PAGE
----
Corporate culture has become a focal point of research and discussion, within the last ten years. Prior to changes in the global economy, many employers had a different perspective when it came to the management of human resources. Recruitment costs were lower, and talent in major technology hubs was easier to source, compared to the current competitive market.
It can be expensive to source a new hire, whether for a skilled technical position or a senior executive role. Many successful employees are unwilling to make a change, and are content to stay with their employer, provided they feel the arrangement is mutually beneficial. That the job fits their social and intellectual needs, while providing monetary and lifestyle accommodations, that help them realize other goals they have in life.
There is no marketplace quite as competitive as the IT industry right now, worldwide. So strong is the drive to find new technology talent, that organizations frequently work to recruit in other countries. This is very true for the United States, where a report released in April 2017 revealed that 82% of H-1B visas were issued to highly skilled workers for corporate tech companies, sourcing IT skilled workers from China and India. This trend is also recurrent around the globe, as demand exceeds supply of trained and experienced tech innovators.
If every technology company and start-up were paying the same salary, how could an organization successfully recruit based on monetary merit alone? The most successful companies including Facebook, Microsoft, Apple and other brand leaders invest substantially in a corporate culture that both attracts talent, and helps retain it for the long-term.
From open work areas with tropical waterfalls and Muskoka chairs (IBM Canada) to free food and beverages, nap rooms and other incentives, the provisions for technology workers are imaginative and legendary, demonstrating the length that businesses are willing to go to, in order to retain their most valuable resource.
Understanding the Value of a Rich Corporate Culture
Employees can spend thirty to over forty-hours per week within the work environment. While many management to employee conversations stem on salary as a reward indicant for job satisfaction, organizations that invest in a rich corporate culture, see measurable returns in both productivity and talent retention.
What does a rich and fulfilling corporate culture look like? It is a combination of social factors and a supportive demeanor that trickles down from the C-Level to all levels of staffing, including middle management. It’s a sense of belonging to something important, and reinforcing the value of every member of the team to achieve success and growth for the organization. And it’s not only about valuing employees, it is a constant communication that they are the organizations most valuable asset, and resource.
Some of the hallmarks of a successful corporate culture include:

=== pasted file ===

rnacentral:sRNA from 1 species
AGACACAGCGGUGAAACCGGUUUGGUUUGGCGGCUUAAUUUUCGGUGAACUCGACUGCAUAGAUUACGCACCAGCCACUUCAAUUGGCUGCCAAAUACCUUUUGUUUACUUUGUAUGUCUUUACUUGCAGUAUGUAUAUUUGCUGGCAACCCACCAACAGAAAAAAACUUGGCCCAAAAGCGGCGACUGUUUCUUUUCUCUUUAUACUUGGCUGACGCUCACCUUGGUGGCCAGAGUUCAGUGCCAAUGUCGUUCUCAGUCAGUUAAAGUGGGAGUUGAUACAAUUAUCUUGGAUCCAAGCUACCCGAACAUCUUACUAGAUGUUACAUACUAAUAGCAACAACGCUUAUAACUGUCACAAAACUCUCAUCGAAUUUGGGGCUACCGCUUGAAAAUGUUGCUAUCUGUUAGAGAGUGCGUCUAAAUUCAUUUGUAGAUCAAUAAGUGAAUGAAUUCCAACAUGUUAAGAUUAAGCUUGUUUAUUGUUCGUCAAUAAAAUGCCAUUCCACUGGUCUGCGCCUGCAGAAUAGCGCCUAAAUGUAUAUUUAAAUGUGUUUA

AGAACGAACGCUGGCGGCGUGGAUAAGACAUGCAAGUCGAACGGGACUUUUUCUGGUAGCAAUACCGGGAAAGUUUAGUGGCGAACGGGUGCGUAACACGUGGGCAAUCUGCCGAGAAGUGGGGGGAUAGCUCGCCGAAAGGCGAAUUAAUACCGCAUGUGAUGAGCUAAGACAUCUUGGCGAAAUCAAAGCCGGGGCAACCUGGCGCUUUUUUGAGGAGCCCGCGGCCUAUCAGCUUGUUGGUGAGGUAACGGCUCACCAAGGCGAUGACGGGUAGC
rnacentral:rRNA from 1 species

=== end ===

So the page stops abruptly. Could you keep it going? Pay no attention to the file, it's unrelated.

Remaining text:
- Strong communication between corporate executives and teams.
- Employee involvement and input into strategic planning.
- Social events and celebrating landmark achievements as a team.
- Training, team building and ongoing professional development is provided.
- Employees appear engaged and excited about their contributions to the organization.
- The organization experiences low employee turnover and attrition of talent.
Organizations that are successful at creating and sustaining a positive corporate culture, allow for a degree of transparency that translates to involvement and connection with all employees. It something that is perpetuated on a daily basis, not only during holidays or special occasions. In addition to retaining talented employees, businesses see other benefits, including appeal to new workers in terms of recruitment, and productivity. Employees stay and work hard for organizations that make them feel they are part of something bigger; a community that cares about their role, and their well-being.
Salary Versus Lifestyle Balance and Healthcare Incentives
When employers are polled regarding factors that contribute to job satisfaction, executives and management teams are almost unilaterally certain that it relates directly to salary. The more an employee is paid, the happier and committed that employee will be to the organization, right?
Research studies and surveys in recent years have marked a substantial shift in priorities for employees under the age of fifty. In one study by the Society for Human Resource Management, “Job Satisfaction and Engagement: The Road to Economic Recovery,” cited other compensatory factors for driving both performance and retention, in American organizations, including:
- Robust employer provided healthcare insurance, dental and prescription drug benefits.
- Retirement plans and private pensions, or stock options.
- Vacation time.
- Flexible work-from-home opportunities.
The impact of the global economy on business has seen salary increases and monetary incentives wane, or in some cases freeze entirely. Workers in the last decade have understood that pay increases were not always possible, and they have shifted culturally to emphasize other employer provided benefits that relate to quality of life instead.
Regardless of economic factors, employees view their commitment to an employer in terms of the amount of acknowledgement they receive for good performance, an emotionally positive work culture, and perks and incentives that enrich their personal life, and family needs.
Does that mean salary is no longer a factor in recruitment? No, but as the economy improves employees anticipate raises and increased incentives to be offered, as the business climate changes. In the interim, job satisfaction is being defined as liking where you work, being paid competitively, and enjoying the perks of wellness and lifestyle benefits.